Designing A Productspecific Adverse Event Surveillance Program

The design of a health care product surveillance program should take into account product class effects and indications, the patient user and prescriber populations, and the route of administration. It should also be appreciated that use patterns may change over time, thereby necessitating alterations in the structure of the surveillance program itself. Venulet has published an example in which a product-specific surveillance scheme is designed and diagrammed (Venulet, 1988), while Klincewicz has pointed out the importance of linking product monitoring mechanisms with the periodic safety update report (PSUR) requirements found in the ICH E2C document (Klince-wicz et al., 1999). An exhaustive review has also been published recently that focuses on AE signalling methods and AE surveillance program design (Clark et al., 2001).

In selecting sorting methodologies, it is noteworthy that the expedited (serious + unlabelled) report sorting procedure and several PSUR line listings are mandated by regulation, and should therefore be included in essentially all such designs. Sorting methods based on designated medical events would also appear to be appropriate for many spontaneous report data sets, given the regular appearance of a selected list of AE types throughout the history of health care product monitoring. For products that give rise to small numbers of reports, one or two sorting methods will usually be sufficient to address report-based monitoring needs.

The use of automated identification procedures would logically be reserved for larger and more complex report databases. In creating report screening strategies, it is helpful to conceptualize the identification step as the use of screening tests to select "interesting" product-AE pairs for further study. In this view, the use of effective identification procedures for product monitoring resembles the use of screening tests for other public health applications, and implies special attention to false positive rates. The false positive rate for an AE surveillance program can be decreased by selecting identification procedures with a higher specificity (and, therefore, a lower sensitivity), while its false negative rate can be decreased by using multiple identification procedures, each of which operates on a different principle, and by repeat screening on a regular basis. The overall effectiveness of the report phase of an AE surveillance program can be evaluated by calculating the report-based positive predictive value, which is equivalent to the proportion of signal evaluations found at the case-based phase to be "interesting". A lower than desired predictive value suggests that the specificity of the identification methods should be increased.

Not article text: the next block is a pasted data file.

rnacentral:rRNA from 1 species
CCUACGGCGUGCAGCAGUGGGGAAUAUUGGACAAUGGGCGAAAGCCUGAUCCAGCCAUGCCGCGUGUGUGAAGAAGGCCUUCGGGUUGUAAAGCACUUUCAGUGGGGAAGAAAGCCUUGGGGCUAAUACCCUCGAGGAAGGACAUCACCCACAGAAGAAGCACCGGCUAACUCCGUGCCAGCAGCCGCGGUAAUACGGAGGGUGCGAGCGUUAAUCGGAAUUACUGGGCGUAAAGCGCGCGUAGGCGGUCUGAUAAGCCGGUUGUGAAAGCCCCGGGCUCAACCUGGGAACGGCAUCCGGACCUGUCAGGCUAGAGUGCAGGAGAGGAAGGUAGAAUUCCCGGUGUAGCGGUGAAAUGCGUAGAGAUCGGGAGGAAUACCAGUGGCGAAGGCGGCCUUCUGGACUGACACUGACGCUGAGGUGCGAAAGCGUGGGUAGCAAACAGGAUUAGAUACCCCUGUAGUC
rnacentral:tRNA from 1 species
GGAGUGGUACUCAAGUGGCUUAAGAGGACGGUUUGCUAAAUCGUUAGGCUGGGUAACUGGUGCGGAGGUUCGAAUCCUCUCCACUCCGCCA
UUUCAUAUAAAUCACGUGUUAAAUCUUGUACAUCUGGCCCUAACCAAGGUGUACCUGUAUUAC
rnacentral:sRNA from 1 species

Experience suggests that, despite past difficulties, there remains a place for both rule-based imputation screening and serial signalling methods in spontaneous AE surveillance programs, but that the use of both of these identification methodologies must be scrutinized carefully. Statistical models are unlikely to be helpful on a widespread basis at the identification step, because such tools are too complex and individualized to be effective as screening tests. Although not employed systematically in the past, screening for temporo-geogra-phical clusters may be effective for certain types of safety outcomes, especially those that are related to product preparation and local circumstances of use.

At present, inter-product identification methods appear to be promising developments for public-health-oriented databases, but would usually not be feasible for manufacturer-specific databases which, in comparison with other product-AE monitoring databases, are relatively small and highly selective.

In constructing case series, evaluators should clearly specify case definitions, and adapt them to the limitations of spontaneous data. When comparing such experience with expectation, the standardized reporting ratio and its modifications remains one of the most valuable tools currently available to program designers. This methodologic approach requires extensive knowledge of background incidence rates that is best confirmed empirically through literature reviews and/or database research. Many program administrators will want to have these resources and pertinent expertise available on an ongoing basis. Product monitors will likely want to regard inter-product comparisons of spontaneously based case series with care. Because of the many biases affecting interpretation, these methods are probably best thought of as a group of public-health-motivated analyses of last resort that are undertaken when better data cannot be acquired in an appropriate time frame.

A review of the literature pertaining to case series characterization methods suggests that, when carried out thoughtfully and represented appropriately, such data can be helpful to prescribers. In formulating characterization analyses, the possibility of a relationship between the characterized feature and the adverse event rate or other endpoint should always be formally considered. In presenting such data, the analyst should also bear in mind the possibility that the characteristics of the reported case series may be different from population-based case series, and commentary that addresses this uncertainty should be provided.

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